Characterizing the Structure of Hurricane Karl (2010) Through Analysis of High-Resolution Doppler Radar Data and Numerical Simulation

Wednesday, 17 December 2014
Jennifer DeHart, University of Washington Seattle Campus, Seattle, WA, United States and Robert Houze, University of Washington, Seattle, WA, United States
Airborne radar data and a series of numerical simulations are employed to investigate the structure of Hurricane Karl (2010). Karl was a strong hurricane that reached its peak intensity in the Gulf of Mexico before making landfall on the mountainous coast of Veracruz, Mexico. Multiple aircraft extensively sampled Karl during the NASA GRIP campaign, including NASA’s DC-8 aircraft instrumented with the Advanced Precipitation Radar 2 (APR-2). APR-2 is a high-resolution, dual-frequency Doppler radar capable of classifying hydrometeor types. Data from APR-2 provide a unique opportunity to characterize the precipitation and microphysical structure of Hurricane Karl over the open ocean and as it underwent orographic modification during landfall.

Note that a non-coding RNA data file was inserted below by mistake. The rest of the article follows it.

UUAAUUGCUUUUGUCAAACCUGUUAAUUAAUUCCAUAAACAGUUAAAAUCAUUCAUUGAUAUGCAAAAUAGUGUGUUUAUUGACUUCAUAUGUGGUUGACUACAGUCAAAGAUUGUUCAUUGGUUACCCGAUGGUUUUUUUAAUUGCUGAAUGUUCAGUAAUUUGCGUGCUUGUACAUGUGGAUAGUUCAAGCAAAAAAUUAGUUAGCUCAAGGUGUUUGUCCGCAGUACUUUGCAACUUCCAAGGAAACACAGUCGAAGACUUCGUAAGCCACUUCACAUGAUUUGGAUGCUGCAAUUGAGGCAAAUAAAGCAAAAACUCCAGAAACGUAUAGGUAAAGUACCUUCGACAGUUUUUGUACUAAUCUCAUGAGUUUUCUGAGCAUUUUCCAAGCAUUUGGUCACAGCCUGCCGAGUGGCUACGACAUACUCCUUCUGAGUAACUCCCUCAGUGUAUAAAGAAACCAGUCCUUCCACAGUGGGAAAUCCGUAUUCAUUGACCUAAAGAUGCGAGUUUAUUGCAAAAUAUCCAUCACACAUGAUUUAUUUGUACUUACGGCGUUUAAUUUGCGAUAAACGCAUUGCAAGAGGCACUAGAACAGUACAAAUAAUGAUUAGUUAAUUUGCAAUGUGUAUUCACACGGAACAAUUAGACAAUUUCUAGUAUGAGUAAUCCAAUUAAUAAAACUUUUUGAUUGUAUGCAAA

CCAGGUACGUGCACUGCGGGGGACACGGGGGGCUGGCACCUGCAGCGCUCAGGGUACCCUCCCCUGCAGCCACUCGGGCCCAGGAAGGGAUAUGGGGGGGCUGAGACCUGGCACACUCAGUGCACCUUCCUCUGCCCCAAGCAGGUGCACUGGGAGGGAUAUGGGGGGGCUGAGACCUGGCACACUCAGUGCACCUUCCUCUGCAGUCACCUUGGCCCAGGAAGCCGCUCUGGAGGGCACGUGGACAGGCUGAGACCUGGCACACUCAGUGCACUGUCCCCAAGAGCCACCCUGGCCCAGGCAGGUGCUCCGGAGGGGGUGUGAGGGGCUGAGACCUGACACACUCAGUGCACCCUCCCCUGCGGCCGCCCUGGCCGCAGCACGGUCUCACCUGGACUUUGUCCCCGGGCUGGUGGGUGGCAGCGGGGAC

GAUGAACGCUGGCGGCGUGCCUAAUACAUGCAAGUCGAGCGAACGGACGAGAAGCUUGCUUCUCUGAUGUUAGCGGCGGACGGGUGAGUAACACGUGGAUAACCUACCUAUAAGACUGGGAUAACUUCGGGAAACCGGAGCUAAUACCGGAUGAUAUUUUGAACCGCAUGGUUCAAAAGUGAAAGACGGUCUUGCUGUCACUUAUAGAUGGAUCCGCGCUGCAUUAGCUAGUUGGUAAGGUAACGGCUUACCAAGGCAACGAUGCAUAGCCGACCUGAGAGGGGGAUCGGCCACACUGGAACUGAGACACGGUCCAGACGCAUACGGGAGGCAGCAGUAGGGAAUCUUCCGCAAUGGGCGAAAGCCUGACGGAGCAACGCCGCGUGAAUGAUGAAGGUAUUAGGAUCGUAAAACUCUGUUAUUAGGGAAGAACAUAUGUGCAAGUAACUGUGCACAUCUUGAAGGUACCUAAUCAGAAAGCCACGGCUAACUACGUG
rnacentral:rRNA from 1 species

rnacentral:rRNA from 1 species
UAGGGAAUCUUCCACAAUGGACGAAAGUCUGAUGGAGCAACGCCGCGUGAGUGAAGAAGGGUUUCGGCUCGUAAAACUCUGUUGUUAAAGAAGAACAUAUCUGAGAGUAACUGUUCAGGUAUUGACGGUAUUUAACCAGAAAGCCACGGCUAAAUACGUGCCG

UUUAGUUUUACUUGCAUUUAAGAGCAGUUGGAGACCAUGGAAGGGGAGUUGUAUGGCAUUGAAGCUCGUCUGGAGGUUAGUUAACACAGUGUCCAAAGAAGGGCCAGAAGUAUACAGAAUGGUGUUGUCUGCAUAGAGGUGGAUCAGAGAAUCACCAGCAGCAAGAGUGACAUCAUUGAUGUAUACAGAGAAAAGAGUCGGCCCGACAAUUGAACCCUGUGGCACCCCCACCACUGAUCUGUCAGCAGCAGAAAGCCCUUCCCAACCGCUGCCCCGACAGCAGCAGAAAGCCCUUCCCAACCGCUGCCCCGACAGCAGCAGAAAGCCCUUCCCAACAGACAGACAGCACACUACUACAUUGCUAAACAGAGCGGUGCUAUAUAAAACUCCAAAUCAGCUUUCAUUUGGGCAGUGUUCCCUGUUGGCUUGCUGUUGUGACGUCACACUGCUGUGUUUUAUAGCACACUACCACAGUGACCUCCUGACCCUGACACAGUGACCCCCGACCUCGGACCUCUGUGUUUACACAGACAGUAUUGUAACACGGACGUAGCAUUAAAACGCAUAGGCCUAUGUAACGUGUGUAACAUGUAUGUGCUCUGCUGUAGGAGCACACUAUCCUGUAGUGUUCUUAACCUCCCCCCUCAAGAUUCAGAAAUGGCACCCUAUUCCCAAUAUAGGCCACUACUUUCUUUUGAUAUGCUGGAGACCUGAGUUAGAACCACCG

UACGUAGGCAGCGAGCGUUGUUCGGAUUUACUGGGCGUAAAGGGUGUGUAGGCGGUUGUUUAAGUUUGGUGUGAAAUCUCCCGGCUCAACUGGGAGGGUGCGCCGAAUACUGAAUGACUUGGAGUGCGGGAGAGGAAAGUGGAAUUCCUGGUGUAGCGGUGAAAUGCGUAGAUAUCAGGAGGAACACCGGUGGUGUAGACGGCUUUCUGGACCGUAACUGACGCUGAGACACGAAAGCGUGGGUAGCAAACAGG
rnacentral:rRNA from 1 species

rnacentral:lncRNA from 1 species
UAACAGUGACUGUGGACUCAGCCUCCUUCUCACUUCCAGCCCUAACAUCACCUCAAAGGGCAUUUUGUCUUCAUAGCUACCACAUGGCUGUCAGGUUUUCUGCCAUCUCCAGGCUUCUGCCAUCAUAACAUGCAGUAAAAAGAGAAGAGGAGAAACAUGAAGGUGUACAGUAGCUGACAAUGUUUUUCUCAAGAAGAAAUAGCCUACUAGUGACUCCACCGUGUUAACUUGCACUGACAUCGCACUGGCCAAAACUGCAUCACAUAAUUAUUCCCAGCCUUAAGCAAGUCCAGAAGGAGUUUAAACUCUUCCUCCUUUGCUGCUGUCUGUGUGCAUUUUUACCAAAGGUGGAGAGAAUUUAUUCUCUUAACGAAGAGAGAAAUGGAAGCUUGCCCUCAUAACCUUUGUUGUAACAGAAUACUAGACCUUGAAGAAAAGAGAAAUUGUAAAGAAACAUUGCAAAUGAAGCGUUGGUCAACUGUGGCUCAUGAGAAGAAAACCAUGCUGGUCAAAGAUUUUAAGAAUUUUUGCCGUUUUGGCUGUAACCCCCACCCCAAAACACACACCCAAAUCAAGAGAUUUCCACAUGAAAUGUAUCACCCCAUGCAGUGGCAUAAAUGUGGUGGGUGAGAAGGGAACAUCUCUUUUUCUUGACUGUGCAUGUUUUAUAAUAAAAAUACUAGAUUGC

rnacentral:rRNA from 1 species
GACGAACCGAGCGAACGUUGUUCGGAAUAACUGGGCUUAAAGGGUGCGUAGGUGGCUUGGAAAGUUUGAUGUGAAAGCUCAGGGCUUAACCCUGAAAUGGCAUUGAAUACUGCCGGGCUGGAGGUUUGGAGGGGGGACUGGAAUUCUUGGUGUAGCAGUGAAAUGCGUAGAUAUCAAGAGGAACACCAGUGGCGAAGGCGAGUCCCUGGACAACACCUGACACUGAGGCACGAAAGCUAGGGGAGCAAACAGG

Analysis of the radar data is complemented by a series of WRF runs, in which different microphysical schemes are employed. In particular, the resulting structures from the simulations are compared to the patterns derived from the APR-2 reflectivity, velocity and hydrometeor snapshots. These comparisons allow for an assessment of the ability of each microphysical scheme to reproduce the observed structure. Consistent with prior studies, it is shown that the vertical and horizontal hydrometeor patterns depend strongly upon the microphysical scheme chosen, despite the relatively similar tracks generated by each model run. Finally, the resulting thermodynamic structures and flow patterns produced by each model simulation are examined to provide information missing from the radar data.